A Simple Form of Radar Imaging
As seen in Figure 1 the radar antenna emits a series of pulses toward the ground where they are scattered in many directions. The sensor records the “backscatter”, which is the portion reflected toward the antenna. It measures the strength of the echo and the time it took for the pulse to travel to the ground and back.
Signal strength corresponds to pixel brightness and the timing provides range information. The range is one-half the total travel time. In the equation below, \(\Delta T\) is the travel time and \(c\) is the speed of light:
Since the pixels of a radar imaging system are placed on the image based partly on their range, the antenna cannot illuminate the ground in a vertical orientation. If it did, features on the same imaging line at equivalent angles off nadir would have identical ranges, like the two purple diamonds in Figure 2, and they would occupy the same pixel location.
Radar imaging must be side-looking so that ground points from the near to far range have different range values (Figure 3). The illumination is typically broadside, or perpendicular, to the flight direction.
The angles associated with radar illumination are shown in Figure 4, which is based on a spherical earth surface. Most radar imaging is broadside to the flight direction, but some systems can collect off-broadside in a squinted orientation. The angle down from the local level at the sensor is called the depression angle. The angle between the line-of-sight ray and the local vertical is the incidence angle. The angle between the tangent to the surface and the line of sight is the grazing angle. Note that the incidence and grazing angles are complements in that they form a right angle when combined. This means that a 60° incidence angle is the same as a 30° grazing angle.
Side Looking Airborne Radar
The first useful radar imaging technique was a form called Side-Looking Airborne Radar (SLAR) (Figure 5). The image is built up via the forward motion of the antenna, one line at a time. The pulses are emitted at a rate called the pulse repetition frequency (PRF), which can range from a few hundred pulses each second for airborne systems to thousands each second for spacecraft. In the SLAR technique, the individual pulses create each image line. The angular width of the pulse on the ground along the direction of flight, or azimuth direction, determines one component of resolution. The range measurements are collected in the “slant range” direction, and range variations to different objects form the second dimension of resolution.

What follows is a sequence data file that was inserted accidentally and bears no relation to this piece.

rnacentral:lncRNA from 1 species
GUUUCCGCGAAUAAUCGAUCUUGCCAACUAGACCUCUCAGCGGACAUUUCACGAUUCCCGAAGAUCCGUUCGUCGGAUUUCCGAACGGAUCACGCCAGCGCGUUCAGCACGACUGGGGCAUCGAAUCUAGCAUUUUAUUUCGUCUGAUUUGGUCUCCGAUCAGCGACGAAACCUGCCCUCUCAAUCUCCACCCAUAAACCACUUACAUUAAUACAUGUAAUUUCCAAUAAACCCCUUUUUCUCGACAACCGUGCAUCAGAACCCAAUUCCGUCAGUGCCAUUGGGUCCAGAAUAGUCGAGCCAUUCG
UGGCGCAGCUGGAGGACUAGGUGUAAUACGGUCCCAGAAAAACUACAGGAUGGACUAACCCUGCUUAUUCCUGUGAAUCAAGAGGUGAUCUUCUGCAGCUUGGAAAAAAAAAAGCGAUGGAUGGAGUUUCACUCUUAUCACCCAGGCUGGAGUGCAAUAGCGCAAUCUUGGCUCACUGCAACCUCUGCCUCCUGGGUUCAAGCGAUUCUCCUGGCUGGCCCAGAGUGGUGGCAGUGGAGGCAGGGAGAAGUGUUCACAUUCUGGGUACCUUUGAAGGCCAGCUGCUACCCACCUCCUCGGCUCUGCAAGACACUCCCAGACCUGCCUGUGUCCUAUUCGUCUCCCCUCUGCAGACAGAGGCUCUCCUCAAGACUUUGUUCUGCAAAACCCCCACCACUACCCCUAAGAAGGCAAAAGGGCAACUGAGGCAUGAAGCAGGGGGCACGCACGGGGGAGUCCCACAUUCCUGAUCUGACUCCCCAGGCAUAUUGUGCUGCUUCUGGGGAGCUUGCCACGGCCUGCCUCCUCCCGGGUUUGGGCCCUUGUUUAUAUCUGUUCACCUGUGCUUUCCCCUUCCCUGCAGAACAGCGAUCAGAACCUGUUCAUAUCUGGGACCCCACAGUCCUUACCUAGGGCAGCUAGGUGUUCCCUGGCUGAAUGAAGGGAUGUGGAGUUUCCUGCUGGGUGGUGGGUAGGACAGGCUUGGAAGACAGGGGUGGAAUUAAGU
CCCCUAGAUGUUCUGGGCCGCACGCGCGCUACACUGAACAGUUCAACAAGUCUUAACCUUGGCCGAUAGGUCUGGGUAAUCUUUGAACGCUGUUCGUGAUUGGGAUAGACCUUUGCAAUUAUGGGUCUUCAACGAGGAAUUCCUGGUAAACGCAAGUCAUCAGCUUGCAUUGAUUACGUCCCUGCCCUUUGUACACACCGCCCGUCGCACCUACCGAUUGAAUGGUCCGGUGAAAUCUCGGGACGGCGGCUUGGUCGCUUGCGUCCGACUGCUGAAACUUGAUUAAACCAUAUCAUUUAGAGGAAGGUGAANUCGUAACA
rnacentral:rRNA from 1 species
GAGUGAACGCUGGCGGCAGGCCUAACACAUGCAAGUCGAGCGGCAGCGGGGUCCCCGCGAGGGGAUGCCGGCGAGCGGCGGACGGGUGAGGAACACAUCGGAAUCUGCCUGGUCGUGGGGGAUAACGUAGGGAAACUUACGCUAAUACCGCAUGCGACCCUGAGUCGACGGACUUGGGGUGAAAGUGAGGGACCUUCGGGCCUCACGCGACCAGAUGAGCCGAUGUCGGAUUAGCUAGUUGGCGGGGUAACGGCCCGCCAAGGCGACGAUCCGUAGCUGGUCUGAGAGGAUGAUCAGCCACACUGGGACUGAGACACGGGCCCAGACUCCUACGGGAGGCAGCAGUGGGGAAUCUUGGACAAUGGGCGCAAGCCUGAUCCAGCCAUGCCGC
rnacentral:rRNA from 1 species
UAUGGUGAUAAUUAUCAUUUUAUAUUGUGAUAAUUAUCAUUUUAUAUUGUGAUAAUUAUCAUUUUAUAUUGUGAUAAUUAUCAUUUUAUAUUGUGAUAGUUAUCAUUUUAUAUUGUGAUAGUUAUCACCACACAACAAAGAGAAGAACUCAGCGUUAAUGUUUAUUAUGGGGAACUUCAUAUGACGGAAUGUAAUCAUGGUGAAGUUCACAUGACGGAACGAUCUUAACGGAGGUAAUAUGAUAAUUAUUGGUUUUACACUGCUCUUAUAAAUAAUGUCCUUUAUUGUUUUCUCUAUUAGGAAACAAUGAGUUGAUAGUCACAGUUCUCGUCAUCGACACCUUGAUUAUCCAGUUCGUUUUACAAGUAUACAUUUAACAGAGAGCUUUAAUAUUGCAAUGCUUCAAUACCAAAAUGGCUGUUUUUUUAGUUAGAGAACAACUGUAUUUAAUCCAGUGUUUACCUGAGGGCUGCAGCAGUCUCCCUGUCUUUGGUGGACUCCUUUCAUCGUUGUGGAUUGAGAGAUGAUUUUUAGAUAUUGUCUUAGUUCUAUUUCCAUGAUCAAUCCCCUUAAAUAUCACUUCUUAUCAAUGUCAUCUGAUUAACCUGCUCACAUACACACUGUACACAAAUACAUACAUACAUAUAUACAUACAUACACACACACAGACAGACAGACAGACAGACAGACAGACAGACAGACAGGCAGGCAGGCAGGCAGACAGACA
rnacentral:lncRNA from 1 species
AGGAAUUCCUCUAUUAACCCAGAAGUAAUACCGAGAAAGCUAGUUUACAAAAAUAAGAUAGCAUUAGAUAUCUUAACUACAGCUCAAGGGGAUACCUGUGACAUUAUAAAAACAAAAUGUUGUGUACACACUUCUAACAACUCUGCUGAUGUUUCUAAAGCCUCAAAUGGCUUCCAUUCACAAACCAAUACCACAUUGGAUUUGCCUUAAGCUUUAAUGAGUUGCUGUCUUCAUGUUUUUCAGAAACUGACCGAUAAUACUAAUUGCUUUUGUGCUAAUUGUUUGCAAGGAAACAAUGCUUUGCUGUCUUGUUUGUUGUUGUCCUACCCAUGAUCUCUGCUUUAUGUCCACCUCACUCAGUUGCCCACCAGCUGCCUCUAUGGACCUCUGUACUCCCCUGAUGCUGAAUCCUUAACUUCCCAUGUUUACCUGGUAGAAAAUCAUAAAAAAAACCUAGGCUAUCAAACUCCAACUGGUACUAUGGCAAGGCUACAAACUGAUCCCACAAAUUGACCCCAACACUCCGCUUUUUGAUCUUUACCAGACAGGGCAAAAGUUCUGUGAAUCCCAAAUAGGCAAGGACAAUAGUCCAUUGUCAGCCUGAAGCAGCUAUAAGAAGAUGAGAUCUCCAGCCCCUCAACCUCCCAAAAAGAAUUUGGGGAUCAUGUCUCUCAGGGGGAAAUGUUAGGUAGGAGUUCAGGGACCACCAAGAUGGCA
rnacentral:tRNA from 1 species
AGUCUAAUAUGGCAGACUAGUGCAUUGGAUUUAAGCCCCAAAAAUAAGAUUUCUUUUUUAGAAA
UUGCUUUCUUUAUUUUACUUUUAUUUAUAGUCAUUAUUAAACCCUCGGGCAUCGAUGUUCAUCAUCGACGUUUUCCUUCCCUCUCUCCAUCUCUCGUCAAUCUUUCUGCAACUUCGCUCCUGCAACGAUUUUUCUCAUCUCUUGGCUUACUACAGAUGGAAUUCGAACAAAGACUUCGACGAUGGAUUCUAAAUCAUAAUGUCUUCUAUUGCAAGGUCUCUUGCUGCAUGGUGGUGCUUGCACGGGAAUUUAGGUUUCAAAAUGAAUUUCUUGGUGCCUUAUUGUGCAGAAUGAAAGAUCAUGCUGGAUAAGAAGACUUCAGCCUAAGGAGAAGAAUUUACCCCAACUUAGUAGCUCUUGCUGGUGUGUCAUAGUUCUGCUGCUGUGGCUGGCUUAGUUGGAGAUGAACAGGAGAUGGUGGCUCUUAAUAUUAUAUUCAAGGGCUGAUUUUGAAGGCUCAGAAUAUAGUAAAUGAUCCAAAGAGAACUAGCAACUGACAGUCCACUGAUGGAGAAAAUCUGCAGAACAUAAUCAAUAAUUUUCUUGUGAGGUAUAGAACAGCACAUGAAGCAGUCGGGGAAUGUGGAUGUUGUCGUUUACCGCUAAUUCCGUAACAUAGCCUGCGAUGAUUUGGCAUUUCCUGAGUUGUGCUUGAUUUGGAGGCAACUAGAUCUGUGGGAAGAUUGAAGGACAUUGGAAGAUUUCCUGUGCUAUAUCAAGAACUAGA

SLAR was used the early days of radar imaging but it had serious limitations. Range resolution was one-half the length of the pulse in the range direction. Since the pulses are emitted at light speed, even a very brief pulse of one-millionth of a second would be 300 meters long and produce range resolution of 150 meters (Figure 6).
Azimuth resolution was based on the angular width of the pulse in the azimuth direction (\(\beta\)). Long antennas create narrow beams, but the beam spreads out from the antenna to the distant ground surface. Antennas cannot be made long enough to produce good azimuth resolution, and SLAR produced images with resolutions in the hundreds of meters, even from aircraft. This is why the brilliant concept of synthesizing a long antenna from the actions of a small one was developed. We call this Synthetic Aperture Radar.